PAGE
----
Following the recent announcement from Ofcom that it would review the obligations on BSkyB to offer its sports content to other operators, Toms Evens of Ghent University and Petros Iosifidis of City University London argue that to promote competition those obligations should be boosted rather than reduced.
On 16 April 2014, Ofcom announced to review the ‘wholesale must-offer obligation’ placed on satellite pay TV operator BSkyB in relation to its Sky Sports 1 and 2 channels. As part of the Pay TV Review Statement of March 2010, the UK communications regulator had attempted to address BSkyB’s market power in the wholesale sports programming market through the introduction of a wholesale must-offer obligation system and regulated pricing (i.e. at a 23% reduction) so that competing platforms would have access to premium sports rights.
This regulatory intervention was successfully challenged by BSkyB at the UK’s Competitions Appeal Tribunal, but the Court of Appeal forced the Tribunal to reopen the case. Following this decision, Ofcom will now undertake a review of the obligation. Based on our research into sports rights we urge Ofcom to maintain, if not strengthen, BSkyB’s wholesale must-offer in order to keep the UK pay TV market competitive, and create opportunities for new entrants in the market.
Changes in the market
In its statement, the regulator indicates that since imposing the wholesale must-offer on BSkyB, a number of market developments have taken place that need to be considered as part of such a review. In particular, Ofcom seems to suggest that the pay TV market has become more competitive as a result of BT Sport’s acquisition of the Champions League TV rights (for a record £897m) and Virgin Media’s takeover by cable giant Liberty Global (for £14bn). Moreover, the popularity of online video services including BBC iPlayer, YouView, Netflix and LOVEFiLM is putting pressure on the competitiveness of the pay TV market.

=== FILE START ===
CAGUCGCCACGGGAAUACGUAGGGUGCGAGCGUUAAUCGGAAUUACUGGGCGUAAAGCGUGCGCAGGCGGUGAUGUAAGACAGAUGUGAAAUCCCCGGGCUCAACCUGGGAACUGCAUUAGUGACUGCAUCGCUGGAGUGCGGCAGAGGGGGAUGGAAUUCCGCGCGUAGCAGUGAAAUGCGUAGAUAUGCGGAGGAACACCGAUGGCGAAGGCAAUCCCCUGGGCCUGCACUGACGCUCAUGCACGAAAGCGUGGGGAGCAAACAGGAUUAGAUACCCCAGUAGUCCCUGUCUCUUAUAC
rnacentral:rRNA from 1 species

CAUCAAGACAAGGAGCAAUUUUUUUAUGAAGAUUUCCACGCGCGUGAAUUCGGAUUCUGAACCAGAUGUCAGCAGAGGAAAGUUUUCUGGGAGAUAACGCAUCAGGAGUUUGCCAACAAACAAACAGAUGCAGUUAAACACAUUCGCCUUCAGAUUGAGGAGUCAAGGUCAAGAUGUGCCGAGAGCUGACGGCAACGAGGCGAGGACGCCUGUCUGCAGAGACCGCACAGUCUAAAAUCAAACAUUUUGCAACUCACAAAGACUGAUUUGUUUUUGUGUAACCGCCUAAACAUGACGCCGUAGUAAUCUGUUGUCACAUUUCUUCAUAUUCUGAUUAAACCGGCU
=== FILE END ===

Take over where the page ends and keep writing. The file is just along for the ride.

The conclusion that consumers are relying more and more on alternative platforms to watch television does not, however, imply that BSkyB’s dominance over the UK sports rights markets has been reduced to a significant extent.
A dual regulatory approach for sports
In our book The Political Economy of Television Sports Rights we made a strong argument for a dual regulatory approach with regard to sports broadcasting. Such an approach combines the application of competition law with media-specific regulation, namely major events legislation. While the latter may be less relevant on this occasion, competition issues are at the heart of the wholesale must-offer.
It is our conviction that exclusive licenses create monopolies in the pay TV market, and allow for excessive mark-up pricing. Sports leagues as well as customers may therefore benefit from such a non-exclusive approach where live rights are licensed across multiple pay TV platforms.
Non-exclusive licensing models not only allow alternative operators to obtain key sports rights they need to enter the market, but also provide the option to customers to pick the pay TV operator of their choice. They would no longer be forced to choose a particular delivery platform on the basis of the provision of key sports programming. Since all pay TV operators would have equal access to sports programming, increased competition in the market could result in enhanced pay TV penetration as well as reduced subscription fees.
Moving to multi-platform
In the US and several European countries, sports leagues are moving to a multi-platform strategy, agreeing licensing deals with multiple pay TV operators. By imposing wholesale must offers to dominant pay TV operators, Ofcom can support a non-exclusive licensing approach which is in itself a rather market-driven model.
This article gives the views of the author, and does not represent the position of the LSE Media Policy Project blog, nor of the London School of Economics.